Killer clown unmasked after 27 years, Florida cops say
Death came knocking at Marlene Warren’s door disguised as a clown.
And for 27 years the bizarre case of the Wellington clown murder remained unsolved — kind of; detectives had the alleged killer in their sights within three months of the slaying.
It was a Saturday morning, May 26, 1990 when Marlene Warren answered the door to accept a bouquet and balloons from a clown wearing a red wig, a red bulb nose, gloves and a smile painted on its white face.
She was greeted with gunfire, shot at least once in the face.
After firing, the clown calmly walked to a white convertible Chrysler LeBaron, minus a license plate, and drove away.
Marlene Warren, 40, died two days later.
New DNA evidence, police now say, proves the person disguised as a clown was Sheila Keen Warren, the current wife of Marlene Warren’s husband, Michael Warren.
She was arrested Tuesday at her home in the Blue Ridge Mountains in Abingdon, Va. Sheila Keen Warren, 54, is in jail there awaiting extradition to Palm Beach County.
“It feels good that they found [the killer], but it’s taking me back to the memory of it and it’s kind of hard,” Twing said. “I feel like crying now, but I’m glad it’s over.”
The Warrens were living in their dream home in the affluent Aero Club development, where the neighborhood had a private landing strip with taxiways to each home.
Michael Warren owned Bargain Motors Inc. on North Dixie Highway in West Palm Beach. Marlene Warren spent her days managing the rental units she and her husband had acquired during their 20-year marriage.
According to a Sept. 7, 1990 Sun Sentinel article, the search for the killer had focused on Sheila Keen, then 27.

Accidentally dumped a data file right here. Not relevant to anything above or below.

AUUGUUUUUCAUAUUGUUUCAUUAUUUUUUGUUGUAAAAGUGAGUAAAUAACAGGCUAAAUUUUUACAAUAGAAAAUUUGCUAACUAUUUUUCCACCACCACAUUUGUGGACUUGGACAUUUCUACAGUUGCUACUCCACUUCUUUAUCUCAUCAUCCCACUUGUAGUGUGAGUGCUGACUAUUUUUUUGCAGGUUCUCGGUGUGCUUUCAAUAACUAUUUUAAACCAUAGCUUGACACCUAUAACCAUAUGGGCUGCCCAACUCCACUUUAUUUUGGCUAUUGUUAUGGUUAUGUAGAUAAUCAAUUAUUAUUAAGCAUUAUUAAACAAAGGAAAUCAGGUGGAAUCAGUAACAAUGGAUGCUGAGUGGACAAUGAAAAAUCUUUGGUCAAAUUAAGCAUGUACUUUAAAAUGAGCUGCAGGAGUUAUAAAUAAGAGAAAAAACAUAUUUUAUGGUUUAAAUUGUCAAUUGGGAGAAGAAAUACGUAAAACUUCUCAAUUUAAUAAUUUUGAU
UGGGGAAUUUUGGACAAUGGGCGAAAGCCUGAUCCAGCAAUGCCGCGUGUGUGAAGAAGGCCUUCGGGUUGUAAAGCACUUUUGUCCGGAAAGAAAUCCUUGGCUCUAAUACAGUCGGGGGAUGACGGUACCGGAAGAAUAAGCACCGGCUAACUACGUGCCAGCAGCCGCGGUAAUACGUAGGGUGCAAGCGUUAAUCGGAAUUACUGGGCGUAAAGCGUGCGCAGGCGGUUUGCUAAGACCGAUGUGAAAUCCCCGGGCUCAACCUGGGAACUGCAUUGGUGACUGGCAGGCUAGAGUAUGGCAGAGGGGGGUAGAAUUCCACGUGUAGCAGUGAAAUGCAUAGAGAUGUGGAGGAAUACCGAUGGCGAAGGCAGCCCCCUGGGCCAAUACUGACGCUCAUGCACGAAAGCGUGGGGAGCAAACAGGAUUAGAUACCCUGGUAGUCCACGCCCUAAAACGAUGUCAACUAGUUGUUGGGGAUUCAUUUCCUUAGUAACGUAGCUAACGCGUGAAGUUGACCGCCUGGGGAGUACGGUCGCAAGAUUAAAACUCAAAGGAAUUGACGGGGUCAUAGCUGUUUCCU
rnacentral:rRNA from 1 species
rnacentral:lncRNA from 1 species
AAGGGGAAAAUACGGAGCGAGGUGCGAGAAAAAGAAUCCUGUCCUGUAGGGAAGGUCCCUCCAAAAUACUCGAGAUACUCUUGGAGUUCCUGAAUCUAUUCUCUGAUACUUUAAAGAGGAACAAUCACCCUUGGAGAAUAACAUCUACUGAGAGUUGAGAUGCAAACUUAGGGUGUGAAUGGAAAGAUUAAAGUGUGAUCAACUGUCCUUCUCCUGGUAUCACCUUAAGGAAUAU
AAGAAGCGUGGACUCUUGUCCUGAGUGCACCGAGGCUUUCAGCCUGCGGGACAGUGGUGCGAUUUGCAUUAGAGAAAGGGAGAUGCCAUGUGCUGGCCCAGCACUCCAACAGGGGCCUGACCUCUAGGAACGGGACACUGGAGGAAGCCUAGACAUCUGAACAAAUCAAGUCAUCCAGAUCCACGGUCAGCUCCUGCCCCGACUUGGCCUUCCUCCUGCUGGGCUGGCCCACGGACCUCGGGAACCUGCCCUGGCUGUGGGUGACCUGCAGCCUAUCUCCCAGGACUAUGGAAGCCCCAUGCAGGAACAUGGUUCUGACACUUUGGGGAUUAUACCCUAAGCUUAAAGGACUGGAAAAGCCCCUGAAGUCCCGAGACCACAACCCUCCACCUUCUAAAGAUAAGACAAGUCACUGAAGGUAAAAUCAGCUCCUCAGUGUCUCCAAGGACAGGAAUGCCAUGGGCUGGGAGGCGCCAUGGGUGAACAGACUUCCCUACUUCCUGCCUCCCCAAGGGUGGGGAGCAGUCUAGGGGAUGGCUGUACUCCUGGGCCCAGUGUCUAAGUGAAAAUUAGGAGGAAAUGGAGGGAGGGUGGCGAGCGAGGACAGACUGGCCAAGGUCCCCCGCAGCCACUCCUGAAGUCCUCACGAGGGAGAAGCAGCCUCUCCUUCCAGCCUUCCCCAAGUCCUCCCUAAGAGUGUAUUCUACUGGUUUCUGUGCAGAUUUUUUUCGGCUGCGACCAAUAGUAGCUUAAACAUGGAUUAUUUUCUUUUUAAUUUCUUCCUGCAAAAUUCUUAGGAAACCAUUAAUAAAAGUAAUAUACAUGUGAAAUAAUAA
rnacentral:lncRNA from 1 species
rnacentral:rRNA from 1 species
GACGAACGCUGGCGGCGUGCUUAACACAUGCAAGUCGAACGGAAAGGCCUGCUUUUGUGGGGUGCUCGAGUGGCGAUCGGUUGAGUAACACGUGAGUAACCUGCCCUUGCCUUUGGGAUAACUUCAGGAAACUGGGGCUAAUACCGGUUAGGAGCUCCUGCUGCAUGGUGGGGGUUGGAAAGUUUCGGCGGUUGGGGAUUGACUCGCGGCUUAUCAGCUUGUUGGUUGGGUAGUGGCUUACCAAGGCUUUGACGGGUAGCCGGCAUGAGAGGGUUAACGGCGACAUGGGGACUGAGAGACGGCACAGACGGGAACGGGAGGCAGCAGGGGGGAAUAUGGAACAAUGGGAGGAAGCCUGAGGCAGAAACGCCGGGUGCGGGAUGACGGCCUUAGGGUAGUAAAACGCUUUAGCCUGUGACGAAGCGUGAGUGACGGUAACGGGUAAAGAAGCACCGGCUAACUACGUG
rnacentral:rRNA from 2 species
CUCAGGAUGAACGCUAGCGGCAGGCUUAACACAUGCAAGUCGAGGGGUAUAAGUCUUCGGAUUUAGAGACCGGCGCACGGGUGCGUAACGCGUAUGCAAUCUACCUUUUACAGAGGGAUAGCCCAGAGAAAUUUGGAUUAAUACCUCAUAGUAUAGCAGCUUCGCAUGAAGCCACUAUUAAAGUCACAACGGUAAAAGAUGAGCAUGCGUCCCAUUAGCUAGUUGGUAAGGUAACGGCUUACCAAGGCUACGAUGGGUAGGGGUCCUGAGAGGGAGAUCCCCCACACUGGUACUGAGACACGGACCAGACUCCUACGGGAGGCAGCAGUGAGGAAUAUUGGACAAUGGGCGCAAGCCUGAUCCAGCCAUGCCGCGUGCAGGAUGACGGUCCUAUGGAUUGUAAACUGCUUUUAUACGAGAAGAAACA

She repossessed cars for Michael Warren’s auto dealership and, detectives learned, had been having an affair with him. They frequently took long lunches together, and Michael Warren began paying Sheila Keen’s rent when she separated from her husband in January 1990.
Workers at a West Palm Beach costume shop called detectives on the evening of the murder and reported that a woman had bought a clown costume, makeup, orange wig and red nose two days earlier. Two store clerks picked Keen out of a photo lineup.
And clerks at a Publix supermarket less than a mile from Keen’s home identified Keen as the woman who bought flowers and balloons about 90 minutes before the killing.
Detectives also learned that Keen once went to a Pahokee auto parts store where she was a regular customer dressed as a clown.
Within a week of the killing, detectives searched Keen’s home where they found fibers from a bright orange wig.
Similar fibers were found in the getaway car which was ditched in a grocery store parking lot at Okeechobee and Royal Palm Beach boulevards. It had been reported stolen from a car rental agency and was later linked to Michael Warren’s car dealership.
Even so, the case went cold. “They needed probable cause,” said Teri Barbera, a spokeswoman for the Palm Beach County Sheriff’s Office.
The Palm Beach County Sheriff’s Office reopened the investigation in 2014, conducting additional DNA analysis and re-interviewing witnesses. That’s when detectives learned that Keen and Michael Warren were married and operating a restaurant in Tennessee.
“Our cold case squad, they persevere, they work hard and technology advances,” Barbera said. “They hold several cases each, and all of them are near and dear to their hearts. So anytime they can affect an arrest, it’s a big deal.”
“In this case our detectives did not give up,” she said.
Alanez writes for the Sun-Sentinel.
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